Physicians, nurses, researchers and academic faculty should be encouraged to undertake the everyday evidence-based clinical practice as clinical research. Research outputs from these collective efforts will depend on how well research methods and knowledge are integrated into clinical practice. These desired health outcomes, in the long run, can influence policy and potentially transform healthcare for future generations. Also development of collaborative links with academic partners should be negotiated and research projects complementing regional clinical practice issues need to be strengthened. With the global financial crisis evident in all research fronts, future thrust should be on performing effectively and efficiently with available resources and infrastructure.

The Global Forum in its commission report titled ‘Health Research for Equity in Global Health’ has stressed the significant role of Research Capacity Strengthening (RCS) for health research as “one of the most important activities in the correction of the 10/90 gap”. This gap refers to the statistical finding that only 10% of worldwide expenditure on health research and development is devoted to the problems that primarily affect the poorest 90% of the world’s population. All the three levels for capacity strengthening need to be highlighted: individual level (training), institutional level (development and strengthening of institutions) and macro or system level (enabling environment) for an equitable and sustained development.1

In terms of healthcare, Oman is now one of the world’s advanced nations. After 1970, major government investments have proved to be successful in improving health system performance in a relatively short period of time. Sultan Qaboos University (SQU) currently has many basic and clinical research projects that explore in depth risk factors, incidence, prevalence and mortality statistics of various diseases. There is commendable progress in the molecular and genetic research front also.9

Asya Al-Riyami has stressed the need for strategic proposals in Health research Capacity Strengthening (RCS) and Knowledge Brokering with more meaningful dialogue between policy-makers and researchers in Oman.7 The health care providers should undertake necessary SWOT analysis (Strengths/Weaknesses/ Opportunities/Threats) to evaluate the existing research situation.

A positive research culture may be initiated at all the three levels of health care system by way of Sensitization, Awareness and Motivation (SAM) workshops. This may be followed by Training of Trainers (ToT) projects to build a critical mass or a cadre of trained mentors as future research leaders. Long-term plans to sustain research should call for negotiations with higher authorities and potential organizations like INCLEN to initiate CERTCs (Clinical Epidemiology Resource & Training Centres) in Oman.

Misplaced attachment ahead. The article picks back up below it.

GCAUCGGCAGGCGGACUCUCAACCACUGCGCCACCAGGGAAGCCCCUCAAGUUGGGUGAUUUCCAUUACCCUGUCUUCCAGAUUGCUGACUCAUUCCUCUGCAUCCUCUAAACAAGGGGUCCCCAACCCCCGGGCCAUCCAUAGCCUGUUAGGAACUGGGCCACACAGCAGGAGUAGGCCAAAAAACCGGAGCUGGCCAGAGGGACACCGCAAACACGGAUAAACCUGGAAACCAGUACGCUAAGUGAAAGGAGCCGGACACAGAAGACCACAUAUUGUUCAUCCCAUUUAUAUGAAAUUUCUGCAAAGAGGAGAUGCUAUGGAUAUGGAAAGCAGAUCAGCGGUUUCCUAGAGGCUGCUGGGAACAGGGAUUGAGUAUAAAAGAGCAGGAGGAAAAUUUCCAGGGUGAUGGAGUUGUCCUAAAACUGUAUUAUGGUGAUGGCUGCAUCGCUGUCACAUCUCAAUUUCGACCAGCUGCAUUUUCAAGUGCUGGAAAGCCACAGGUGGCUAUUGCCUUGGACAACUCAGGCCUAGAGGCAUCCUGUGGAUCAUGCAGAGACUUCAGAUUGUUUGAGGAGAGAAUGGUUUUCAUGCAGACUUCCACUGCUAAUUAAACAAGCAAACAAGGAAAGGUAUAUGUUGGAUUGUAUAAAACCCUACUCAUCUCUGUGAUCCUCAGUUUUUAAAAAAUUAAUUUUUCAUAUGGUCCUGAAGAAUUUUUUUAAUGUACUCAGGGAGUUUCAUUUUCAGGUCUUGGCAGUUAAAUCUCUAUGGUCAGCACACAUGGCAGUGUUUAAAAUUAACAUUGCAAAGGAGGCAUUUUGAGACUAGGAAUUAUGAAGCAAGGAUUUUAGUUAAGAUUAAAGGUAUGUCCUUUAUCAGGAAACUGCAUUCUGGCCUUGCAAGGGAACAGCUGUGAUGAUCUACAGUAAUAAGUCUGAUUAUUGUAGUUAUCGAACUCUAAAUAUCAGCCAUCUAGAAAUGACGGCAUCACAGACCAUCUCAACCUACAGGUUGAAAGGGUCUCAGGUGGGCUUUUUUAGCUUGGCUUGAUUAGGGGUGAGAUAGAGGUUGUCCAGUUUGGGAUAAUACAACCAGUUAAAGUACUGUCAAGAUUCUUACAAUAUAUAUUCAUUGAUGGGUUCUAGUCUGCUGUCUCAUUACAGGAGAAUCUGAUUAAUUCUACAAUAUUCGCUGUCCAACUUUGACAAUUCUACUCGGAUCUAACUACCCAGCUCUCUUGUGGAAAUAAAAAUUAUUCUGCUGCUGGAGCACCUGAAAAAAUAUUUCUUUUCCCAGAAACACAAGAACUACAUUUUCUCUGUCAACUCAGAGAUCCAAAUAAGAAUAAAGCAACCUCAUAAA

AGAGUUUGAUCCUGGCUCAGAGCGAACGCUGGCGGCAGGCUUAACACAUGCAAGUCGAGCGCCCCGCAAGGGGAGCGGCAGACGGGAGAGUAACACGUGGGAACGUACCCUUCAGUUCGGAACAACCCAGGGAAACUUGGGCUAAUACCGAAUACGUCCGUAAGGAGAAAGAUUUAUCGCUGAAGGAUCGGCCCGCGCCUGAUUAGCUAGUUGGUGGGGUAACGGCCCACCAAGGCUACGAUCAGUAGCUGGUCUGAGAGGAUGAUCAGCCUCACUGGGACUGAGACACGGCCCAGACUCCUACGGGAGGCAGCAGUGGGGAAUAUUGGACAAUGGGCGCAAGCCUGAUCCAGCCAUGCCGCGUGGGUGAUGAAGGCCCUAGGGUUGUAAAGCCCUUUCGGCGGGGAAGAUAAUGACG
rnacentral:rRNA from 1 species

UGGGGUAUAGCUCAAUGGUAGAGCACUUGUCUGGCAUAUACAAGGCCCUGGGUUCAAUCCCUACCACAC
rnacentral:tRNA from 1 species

The Arab scientific community need to create their own benchmarks for quality research which best suit their clinical practice, knowledge, skills and working environment. Improving the quantity and quality of research in the institution can attract regional and international collaboration and monetary funding on its own. Peer review with open access should be allowed or made mandatory for medical publications similar to open source codes. This will enable all regional and international research works to be analyzed, audited, and vetted by hundreds, thousands or even millions of concerned practitioners as well as the global scientific community.

A change in the mindset can make a difference to research, the institution and to the society at large and encourage the Publish and Prosper attitude in scientific writing and medical publications.

Finally, When do you attain a truly homogenous research culture? To quote Professor Andrew Cheetham, University of Western Sydney:

“..When the research culture is effectively invisible, when research is nothing special… we will be discussing it over coffee…it will be simply part of what we do as academics as intellectuals. We will no longer discuss research; we will be too busy doing it….”1


The author reported no conflict of interest and no funding was received on this work.


1. Nuyens Y. No Development without Research. Global Forum for Health Research, 2005. Available at: http://www.globalforumhealth.org/Media- Publications/Publications/No-       Development-Without-Research-A-challengefor- research-capacity-strengthening. Accessed Dec 12, 2010.

2. Sturdy S. Looking for trouble; Medical Science and clinical practice in the historiography of modern medicine Available at: http://edinburgh.academia. edu/SteveSturdy/Papers/139375/Looking_for_trouble_medical_science_ and_clinical_practice_in_the_historiography_of_modern_medicine Accessed Dec 19, 2010.

3. Research and Medicine. Wikipedia, the free encyclopedia. Accessed Dec 12, 2010.

4. South J, Tilford S. Perceptions of research and evaluation in health promotion practice and influences on activity. Oxford Journals Medicine Health Education Research. 15: (6). 729-741. Available at: http://www.biomedcentral.com/1472- 6963/10/14. Accessed on Dec 19, 2010.

5. Al-Adawi SH, Ali BH. West is West, East is East. The divide in science. Saudi Med J 2010 Oct;31(10):1093-1094. www.smj.org.sa. Accessed 30 Sep 2010.

6. Verhoef MJ, Mulkins A, Kania A, Findlay-Reece B, Mior S. Identifying the barriers to conducting outcomes research in integrative health care clinic settings - a qualitative study.BMC. Health Serv Res 2010;10:14. Accessed 12 Dec 2010

7. Al-Riyami A. Health Researchers and Policy Makers: A Need to Strengthen Relationship. Oman Med J 2001 Oct;25(4): 251-252. Accessed 19 Dec 2010.

8. Ratnapalan S. Cutting the vagus nerve; Clinical practice and research in medicine. Canadian Family Physician • Le Médecin de famille canadien. 2008 May; 54. Accessed Dec 12, 2010.

9. The world health report 2000- World Health Organization Assesses the World’s Health Systems. Accessed on Dec 19, 2010.